Property now a ‘riskier’ investment to fund retirement

Investment in additional properties or buy-to-lets to fund retirement is unlikely to perform as well as a pension amid soaring interest rates and inflation, and lower capital growth, according to research from Netwealth.

It found that property investment over pension saving could reduce an individual’s retirement pot by as much 38 per cent.

Netwealth said this scenario was “likely” in the current climate, given that inflation is increasing at its fastest rate in 40 years and amid rising interest rates.

The research found that if property capital growth dropped to 0 per cent, the gap between the financial returns that can be delivered by a property as opposed to a pension was “even more startling”, with a 168 per cent difference in favour of pensions over a 20-year period.

The wealth manager described the assumption that property prices will keep rising may be “a dangerous one to make”.

Furthermore, while it noted that property investments afford people a great deal of freedom, the tax advantages of saving into a pension were “compelling”.

“With declines in stock markets around the world, and seemingly persistent volatility, it is only natural that many of us are considering alternative options to fund our retirement,” commented Netwealth CEO, Charlotte Ransom.

“Among these, investing in property is popular as it is a solid and tangible asset that can be easily understood, but we should always be careful of putting all our eggs into one basket, especially if the basket is starting to show cracks.

“To ensure your retirement fund is as efficient as possible you should consider the differences between property and pensions, and the trade-offs you may have to make to reach your objectives. For instance, you can only financially contribute so much to a pension, and while you can sell a property whenever you wish, it might be impractical to do so quickly and for the right price.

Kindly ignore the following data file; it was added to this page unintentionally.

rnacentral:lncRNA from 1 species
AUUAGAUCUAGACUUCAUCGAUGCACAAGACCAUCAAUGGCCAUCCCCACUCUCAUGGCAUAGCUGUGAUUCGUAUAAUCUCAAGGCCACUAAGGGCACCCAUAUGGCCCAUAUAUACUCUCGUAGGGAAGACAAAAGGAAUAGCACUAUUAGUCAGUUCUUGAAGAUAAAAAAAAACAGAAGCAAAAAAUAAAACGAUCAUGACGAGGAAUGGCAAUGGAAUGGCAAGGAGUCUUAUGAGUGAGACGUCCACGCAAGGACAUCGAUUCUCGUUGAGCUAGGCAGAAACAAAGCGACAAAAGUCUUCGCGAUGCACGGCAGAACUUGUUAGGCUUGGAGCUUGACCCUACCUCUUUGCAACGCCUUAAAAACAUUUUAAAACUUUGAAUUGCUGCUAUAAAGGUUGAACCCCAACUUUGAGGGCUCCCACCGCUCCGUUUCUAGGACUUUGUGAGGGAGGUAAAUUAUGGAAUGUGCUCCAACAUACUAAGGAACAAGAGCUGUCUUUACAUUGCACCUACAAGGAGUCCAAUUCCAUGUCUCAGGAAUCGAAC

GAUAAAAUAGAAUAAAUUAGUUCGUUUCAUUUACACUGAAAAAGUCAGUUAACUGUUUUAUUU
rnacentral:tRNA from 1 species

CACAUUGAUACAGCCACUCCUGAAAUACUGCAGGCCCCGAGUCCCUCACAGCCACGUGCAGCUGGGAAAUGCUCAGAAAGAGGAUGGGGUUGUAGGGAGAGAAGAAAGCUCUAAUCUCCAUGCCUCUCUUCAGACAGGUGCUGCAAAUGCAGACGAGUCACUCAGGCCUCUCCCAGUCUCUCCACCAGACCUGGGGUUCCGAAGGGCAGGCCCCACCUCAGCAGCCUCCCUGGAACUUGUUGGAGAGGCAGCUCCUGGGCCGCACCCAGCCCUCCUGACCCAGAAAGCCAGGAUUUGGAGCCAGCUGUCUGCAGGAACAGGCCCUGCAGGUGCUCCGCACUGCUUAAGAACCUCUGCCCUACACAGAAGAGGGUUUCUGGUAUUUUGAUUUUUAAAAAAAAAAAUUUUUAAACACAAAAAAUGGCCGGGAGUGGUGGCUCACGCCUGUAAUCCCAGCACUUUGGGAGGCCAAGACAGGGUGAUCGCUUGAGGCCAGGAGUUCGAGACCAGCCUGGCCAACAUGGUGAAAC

“In order to make the most of your retirement fund, understanding the intricacies of each asset and the interplay between them will help you to maximise the opportunities from both.

“However, in the current climate, it looks likely that investing in pensions could prove the safer option, and we would therefore advise for people to consider alternative ways of gaining returns in an economically viable way beyond purchasing bricks & mortar.”

    Share Story:

Recent Stories


DB risks
Laura Blows discusses DB risks with Aon UK head of retirement policy, Matthew Arends, and Aon UK head of investment, Maria Johannessen, in Pensions Age's latest video interview

Sustainable equity investing in emerging markets
In these highlights of the latest Pensions Age video interview, Laura Blows speaks to Premier Miton Investors fund managers, Fiona Manning and Will Scholes, about sustainable investing in equities within emerging markets

Building investments in a DC world
In the latest Pensions Age podcast, Sophie Smith talks to USS Investment Management’s head of investment product management, Naomi Clark, about the USS’ DC investments and its journey into private markets
High-yield Investing
Laura Blows discusses short duration global high-yield strategies with Royal London Asset Management head of global credit, Azhar Hussain, in the latest Pensions Age podcast